New study associates excess maternal iodine supplementation with congenital hypothyroidism

July 26, 2012

Congenital hypothyroidism is thyroid hormone deficiency at birth that, if left untreated, can lead to neurocognitive impairments in infants and children. Although the World Health Organization recommends 200-300 µg of iodine daily during pregnancy for normal fetal thyroid hormone production and neurocognitive development, the US Institute of Medicine considers 1,100 µg to be the safe upper limit for daily ingestion. A case series scheduled for publication in The Journal of Pediatrics describes three infants who developed congenital hypothyroidism as a result of excess maternal iodine supplementation.

Kara Connelly, MD, and colleagues from Oregon Health & Science University, Doernbecher Children's Hospital, Boston University School of Medicine, State of Oregon Public Health Laboratory, and Randall Children's Hospital at Legacy Emanuel describe three with congenital hypothyroidism whose mothers had taken 12.5 mg of daily, 11 times more than the safe upper limit, while pregnant and/or breastfeeding. Iodine is transferred from the mother to the infant through the placenta or breast milk. The three infants had blood iodine levels 10 times higher than healthy control infants (measured from newborn screening filter paper).

Excess iodine causes the to temporarily decrease function to protect against hyperthyroidism (Wolff-Chaikoff effect). Adults and older children are able to "escape" from this effect after several days of excess iodine to avoid hypothyroidism. However, the immature thyroid glands of fetuses and newborns have not developed this protective effect and are more susceptible to iodine-induced hypothyroidism. Although infants recover normal thyroid function after acute iodine exposure (e.g., a few days of topical iodine application), continuous excessive iodine exposure to the fetal and neonatal thyroid gland may cause long-term harmful effects on thyroid function.

Sources of iodine include , prenatal vitamins, and seaweed (kelp). According to Dr. Connelly, "The use of iodine-containing supplements in pregnancy and while breastfeeding is recommended in the United States. However, these cases demonstrate the potential hazard of exceeding the safe upper limit for daily ingestion." Excess iodine ingestion from supplementation is often unrecognized because it is not routine practice to ask mothers of infants with congenital about nutritional supplements taken during pregnancy. Pregnant or breastfeeding women should discuss the safe dosages of nutritional supplements with their doctors prior to including them in their daily regimen.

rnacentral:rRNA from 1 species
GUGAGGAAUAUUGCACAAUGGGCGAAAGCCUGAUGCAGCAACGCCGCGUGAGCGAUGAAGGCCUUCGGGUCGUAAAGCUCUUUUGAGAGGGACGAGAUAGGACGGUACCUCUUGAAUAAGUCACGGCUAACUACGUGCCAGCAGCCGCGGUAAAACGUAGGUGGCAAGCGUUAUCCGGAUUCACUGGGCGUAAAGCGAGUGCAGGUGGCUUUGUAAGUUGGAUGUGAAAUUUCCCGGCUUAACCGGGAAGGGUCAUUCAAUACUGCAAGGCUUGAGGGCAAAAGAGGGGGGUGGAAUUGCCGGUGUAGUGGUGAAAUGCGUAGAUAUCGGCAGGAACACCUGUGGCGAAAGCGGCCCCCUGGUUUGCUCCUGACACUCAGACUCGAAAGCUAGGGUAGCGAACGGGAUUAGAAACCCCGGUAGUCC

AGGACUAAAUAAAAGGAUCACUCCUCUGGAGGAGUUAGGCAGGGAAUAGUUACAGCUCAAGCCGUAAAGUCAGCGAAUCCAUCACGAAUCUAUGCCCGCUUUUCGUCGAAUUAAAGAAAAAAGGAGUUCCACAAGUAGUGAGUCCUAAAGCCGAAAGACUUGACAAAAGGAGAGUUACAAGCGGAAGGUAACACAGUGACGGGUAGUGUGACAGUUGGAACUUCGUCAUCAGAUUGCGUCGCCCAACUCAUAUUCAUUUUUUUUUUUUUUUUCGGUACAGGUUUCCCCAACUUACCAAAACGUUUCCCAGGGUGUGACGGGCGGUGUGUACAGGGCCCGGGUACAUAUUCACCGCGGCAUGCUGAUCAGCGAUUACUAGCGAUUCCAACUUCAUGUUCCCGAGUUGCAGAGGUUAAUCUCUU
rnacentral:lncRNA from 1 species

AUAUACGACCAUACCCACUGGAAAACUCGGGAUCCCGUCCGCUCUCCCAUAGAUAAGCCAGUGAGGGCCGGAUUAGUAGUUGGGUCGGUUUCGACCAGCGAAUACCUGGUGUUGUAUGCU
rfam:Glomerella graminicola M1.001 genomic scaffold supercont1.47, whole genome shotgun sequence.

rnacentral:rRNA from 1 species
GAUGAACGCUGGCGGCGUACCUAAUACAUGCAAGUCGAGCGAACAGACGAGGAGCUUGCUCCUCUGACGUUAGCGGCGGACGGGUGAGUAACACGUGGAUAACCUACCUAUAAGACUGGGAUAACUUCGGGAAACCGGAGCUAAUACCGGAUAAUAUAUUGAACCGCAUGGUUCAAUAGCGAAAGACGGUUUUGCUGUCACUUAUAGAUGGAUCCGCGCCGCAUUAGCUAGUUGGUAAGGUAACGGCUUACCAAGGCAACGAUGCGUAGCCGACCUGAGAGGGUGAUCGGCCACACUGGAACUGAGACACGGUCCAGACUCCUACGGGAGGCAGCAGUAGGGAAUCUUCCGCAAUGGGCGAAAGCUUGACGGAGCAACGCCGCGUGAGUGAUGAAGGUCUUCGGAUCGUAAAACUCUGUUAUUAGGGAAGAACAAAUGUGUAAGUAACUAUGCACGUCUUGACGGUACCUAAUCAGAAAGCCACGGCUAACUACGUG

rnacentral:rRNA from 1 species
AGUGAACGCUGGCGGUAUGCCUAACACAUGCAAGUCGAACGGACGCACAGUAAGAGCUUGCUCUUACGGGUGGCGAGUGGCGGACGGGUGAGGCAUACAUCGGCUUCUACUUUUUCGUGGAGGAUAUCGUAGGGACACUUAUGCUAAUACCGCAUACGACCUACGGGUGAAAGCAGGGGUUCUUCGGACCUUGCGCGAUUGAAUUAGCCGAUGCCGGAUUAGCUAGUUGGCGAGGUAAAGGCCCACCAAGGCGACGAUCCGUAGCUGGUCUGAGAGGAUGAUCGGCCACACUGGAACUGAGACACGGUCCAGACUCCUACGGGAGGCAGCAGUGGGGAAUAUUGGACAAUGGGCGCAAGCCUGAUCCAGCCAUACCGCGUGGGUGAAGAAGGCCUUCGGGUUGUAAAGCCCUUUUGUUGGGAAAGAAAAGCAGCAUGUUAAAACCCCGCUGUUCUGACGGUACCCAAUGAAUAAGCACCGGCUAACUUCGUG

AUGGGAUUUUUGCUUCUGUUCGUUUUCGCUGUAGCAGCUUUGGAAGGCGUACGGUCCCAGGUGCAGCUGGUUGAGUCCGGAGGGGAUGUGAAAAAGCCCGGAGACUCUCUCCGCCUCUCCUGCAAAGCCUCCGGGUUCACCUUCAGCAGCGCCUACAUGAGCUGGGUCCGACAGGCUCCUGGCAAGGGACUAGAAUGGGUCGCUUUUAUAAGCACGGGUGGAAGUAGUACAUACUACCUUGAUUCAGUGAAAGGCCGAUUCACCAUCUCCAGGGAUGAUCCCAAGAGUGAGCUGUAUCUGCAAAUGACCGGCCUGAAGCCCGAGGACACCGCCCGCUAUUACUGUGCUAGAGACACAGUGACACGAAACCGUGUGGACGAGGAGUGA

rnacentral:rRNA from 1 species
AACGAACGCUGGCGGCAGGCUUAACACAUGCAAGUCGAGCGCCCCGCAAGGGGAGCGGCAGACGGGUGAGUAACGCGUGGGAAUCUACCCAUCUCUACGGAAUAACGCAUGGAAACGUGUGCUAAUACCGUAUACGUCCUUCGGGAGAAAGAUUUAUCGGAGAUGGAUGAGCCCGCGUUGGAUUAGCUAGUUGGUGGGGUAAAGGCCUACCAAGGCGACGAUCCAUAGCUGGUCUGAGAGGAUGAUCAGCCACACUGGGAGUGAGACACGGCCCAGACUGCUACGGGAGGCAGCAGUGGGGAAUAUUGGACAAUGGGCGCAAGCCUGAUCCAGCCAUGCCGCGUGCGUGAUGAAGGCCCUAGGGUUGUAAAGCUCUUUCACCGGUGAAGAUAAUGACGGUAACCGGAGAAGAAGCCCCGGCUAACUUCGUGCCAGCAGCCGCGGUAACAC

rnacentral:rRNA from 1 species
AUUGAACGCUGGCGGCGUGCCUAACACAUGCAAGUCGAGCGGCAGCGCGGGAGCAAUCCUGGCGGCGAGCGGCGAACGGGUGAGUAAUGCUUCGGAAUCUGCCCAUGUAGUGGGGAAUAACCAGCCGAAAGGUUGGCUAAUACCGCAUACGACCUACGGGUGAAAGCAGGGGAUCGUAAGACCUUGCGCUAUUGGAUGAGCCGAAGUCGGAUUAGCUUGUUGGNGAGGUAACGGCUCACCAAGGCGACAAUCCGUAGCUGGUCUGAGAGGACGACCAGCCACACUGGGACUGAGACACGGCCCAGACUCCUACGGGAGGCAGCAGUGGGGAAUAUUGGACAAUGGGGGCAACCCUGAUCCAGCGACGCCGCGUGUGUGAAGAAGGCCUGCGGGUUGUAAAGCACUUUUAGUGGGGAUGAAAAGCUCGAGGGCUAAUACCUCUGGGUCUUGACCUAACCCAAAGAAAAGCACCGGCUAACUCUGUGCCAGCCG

Explore further: Researchers urge awareness of dietary iodine intake in postpartum Korean-American women

More information: “Congenital Hypothyroidism Caused by Excess Prenatal Maternal Iodine Ingestion” by Kara Connelly, MD, Bruce Boston, MD, Elizabeth Pearce, MD, David Sesser, David Snyder, MD, Lewis Braverman, MD, Sam Pino, Stephen LaFranchi, MD, appears in The Journal of Pediatrics, DOI 10.1016/j.jpeds.2012.05.057

Related Stories

Researchers urge awareness of dietary iodine intake in postpartum Korean-American women

July 12, 2011
Researchers at Boston University School of Medicine (BUSM) have brought attention to the potential health impacts for Korean and Korean-American women and their infants from consuming brown seaweed soup. Seaweed is a known ...

Harmful effects of hypothyroidism on maternal and fetal health drive new guidelines for managing thyroid disease in preg

July 25, 2011
Emerging data clarifying the risks of insufficient thyroid activity during pregnancy on the health of the mother and fetus, and on the future intellectual development of the child, have led to new clinical guidelines for ...

Recommended for you

Breastfed babies are less likely to have eczema as teenagers, study shows

November 13, 2017
Babies whose mothers had received support to breastfeed exclusively for a sustained period from birth have a 54% lower risk of eczema at the age of 16, a new study led by researchers from King's College London, Harvard University, ...

Obesity during pregnancy may lead directly to fetal overgrowth, study suggests

November 13, 2017
Obesity during pregnancy—independent of its health consequences such as diabetes—may account for the higher risk of giving birth to an atypically large infant, according to researchers at the National Institutes of Health. ...

Working to reduce brain injury in newborns

November 10, 2017
Research-clinicians at Children's National Health System led the first study to identify a promising treatment to reduce or prevent brain injury in newborns who have suffered hypoxia-ischemia, a serious complication in which ...

Why do some kids die under dental anesthesia?

November 9, 2017
Anesthesiologists call for more research into child deaths caused by dental anesthesia in an article published online by the journal Pediatrics.

Probability calculations—even babies can master it

November 3, 2017
One important feature of the brain is its ability to make generalisations based on sparse data. By learning regularities in our environment it can manage to guide our actions. As adults, we have therefore a vague understanding ...

Early childhood adversities linked to health problems in tweens, teens

October 30, 2017
Adverse experiences in childhood—such as the death of a parent, growing up in poverty, physical or sexual abuse, or having a parent with a psychiatric illness—have been associated with physical and mental health problems ...

0 comments

Please sign in to add a comment. Registration is free, and takes less than a minute. Read more

Click here to reset your password.
Sign in to get notified via email when new comments are made.